Submitted by Douglas bright (not verified) on
I have 8 takamines love them great guitars
This is a good list although
Submitted by Matt (not verified) on
This is a good list although after owning most of these brands or at least having played all of them, I would re-rearrange the order. Gibsons although a good guitar are simply no longer the quality of Taylor or Martin. They are lagging behind these guys. Yamaha and Epiphone despite online "reviews" are also not near a Taylor or Martin for that matter. So I would drop Gibson, Yamaha, and Epiphone down the list, and although Seagull makes a decent guitar, they are no better than Blueridge, so I would drop them down and bring Blueridge up. Of course this is all subjective, but here is my list re-ordered for what its worth.
I would also add Tanglewood to the list somewhere in the seven slot maybe.
I totaly agree about your
Submitted by Daniel (not verified) on
I totaly agree about your rearanged list! But wonder why nobody mention Guild? To me this american brand belongs in the first alf of the list!!
How about takamine
Submitted by lolo (not verified) on
How about takamine
Your order makes much more
Submitted by Adam Holmes (not verified) on
Your order makes much more sense. I was kinda stunned when Seagull came in first. They are decent guitars fir the price point, however I do feel like Martin , Taylor & gibson are the most desired for anyone who has gotten past the novice stage. I'm privlaged to own a Martin standard series, as well as a Taylor & my own small bench custom guitar. As someone who has been playing over 20 years, you cant beat solid wood construction.
I like this list. My
Submitted by Jason Horton on
I like this list. My personal one would be similar but I'd remove Jasmine and add Maton into the top 5.
Thanks for sharing Matt. We
Submitted by Alexander Briones on
Thanks for sharing Matt. We all tend to have our own Top Ten lists based on experience. I for one would put Martin at the top, if I were to choose.
And while most experienced guitarists will usually go for build quality, tone, and sometimes brand loyalty - others prioritize value for money and practicality. We combined all these feedback to produce the list that we have here, factoring in a huge amount of data to come up with a list that reflects actual market sentiment.
Thought you'd like to know.
Submitted by Ray MacLeod (not verified) on
Thought you'd like to know. Before Christmas, I stopped by a local music shop to buy my 12 year old granddaughter a new guitar to replace an old Beaver Creek she'd been banging on for a few years. Since I'm an old folky from the 1960s, I thought a low end Gibson or Martin would give her both good sound and some bragging rights at her school's guitar club. The shop owner was in the acoustic guitar room strumming something I had never seen before and quickly told me I should forget Martin or Gibson and get what he was playing. It was a Seagull. An equal sound for half the price, he said, so I looked it over, strummed the few chords I could remember, and bought it on the spot. Later, I was still pondering how a little Canadian guitar could be called better than a Martin or Gibson when I found your ratings post. I do believe I kept repeating "Oh my God, it's true!" over and over. And she loves the guitar, especially the smaller neck and fuller sound. Thanks for helping this old folky who always thought Martin and Gibson were names to be spoken in hushed reverence believe in something new.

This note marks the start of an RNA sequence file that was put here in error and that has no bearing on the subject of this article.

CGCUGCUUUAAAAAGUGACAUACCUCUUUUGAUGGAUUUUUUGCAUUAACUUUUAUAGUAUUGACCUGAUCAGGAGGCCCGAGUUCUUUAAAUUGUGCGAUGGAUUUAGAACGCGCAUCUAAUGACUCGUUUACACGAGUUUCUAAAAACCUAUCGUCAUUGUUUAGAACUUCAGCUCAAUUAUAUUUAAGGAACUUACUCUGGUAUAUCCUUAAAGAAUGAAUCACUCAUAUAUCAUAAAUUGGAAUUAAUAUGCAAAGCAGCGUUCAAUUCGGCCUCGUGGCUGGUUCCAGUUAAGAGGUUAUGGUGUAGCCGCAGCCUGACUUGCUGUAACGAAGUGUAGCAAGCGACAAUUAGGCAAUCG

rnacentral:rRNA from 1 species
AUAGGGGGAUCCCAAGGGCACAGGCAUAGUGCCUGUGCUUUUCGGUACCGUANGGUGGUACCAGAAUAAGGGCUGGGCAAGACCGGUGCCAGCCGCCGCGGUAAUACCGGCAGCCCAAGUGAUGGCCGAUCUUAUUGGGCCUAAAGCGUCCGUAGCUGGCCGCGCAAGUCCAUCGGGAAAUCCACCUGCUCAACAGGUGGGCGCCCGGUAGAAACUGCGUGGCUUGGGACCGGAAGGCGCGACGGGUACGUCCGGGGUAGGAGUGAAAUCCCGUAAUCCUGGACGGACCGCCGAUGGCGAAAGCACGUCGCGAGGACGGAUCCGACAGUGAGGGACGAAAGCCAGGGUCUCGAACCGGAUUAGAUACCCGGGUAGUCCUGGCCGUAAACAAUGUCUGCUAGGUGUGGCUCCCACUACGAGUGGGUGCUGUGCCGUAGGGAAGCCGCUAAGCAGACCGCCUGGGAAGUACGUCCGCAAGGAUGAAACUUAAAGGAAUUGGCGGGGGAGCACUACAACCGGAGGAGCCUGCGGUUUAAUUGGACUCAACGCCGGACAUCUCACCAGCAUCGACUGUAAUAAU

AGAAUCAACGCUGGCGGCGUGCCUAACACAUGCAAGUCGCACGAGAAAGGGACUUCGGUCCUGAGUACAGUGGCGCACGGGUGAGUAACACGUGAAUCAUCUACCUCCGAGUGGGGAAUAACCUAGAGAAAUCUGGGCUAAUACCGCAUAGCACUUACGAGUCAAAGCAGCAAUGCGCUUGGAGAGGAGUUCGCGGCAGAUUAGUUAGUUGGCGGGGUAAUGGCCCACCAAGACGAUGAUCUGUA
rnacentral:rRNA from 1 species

We are glad to be of help Ray
Submitted by Alexander Briones on
We are glad to be of help Ray!
I'd like to point out that higher ratings doesn't usually mean better sounding, rather it implies that more people appreciate them - and they usually emphasize getting their money's worth as important. This is why some affordable guitars outscore the more expensive ones.
In the end, it's what inspires your granddaughter to play that matters.
How is it possible Larrivee'
Submitted by Eric Ryan (not verified) on
How is it possible Larrivee' is not on this list? One of the best guitars in the world hands down. What about Maton as well?
No Santa Cruz or Collings I
Submitted by Dave (not verified) on
No Santa Cruz or Collings I've had a Collings for over 20 years and performed thousands of shows.
Submitted by Jason Horton on
That's a fair question, and there were similar reasons for each of those two brands not making the list.
My results were based upon statistical analysis of market sentiment and was limited only to brands that were widely available in the United States.
As I mentioned the the Summary section above, Maton is an excellent Australian brand but it doesn't yet have sufficient market penetration in the USA in order for there to be a significant number of rating sources for them in our data set.
Larrivee is much 'closer to home' and have been operating out of California since 2011. Although you can buy their instruments from Guitar Center and Amazon, and I personally like what I've read about their approach to lutherie, they didn't quite score high enough to make the final cut due to the method I used having a bit of a bias toward wide availability - I may rethink the approach if I revisit this topic.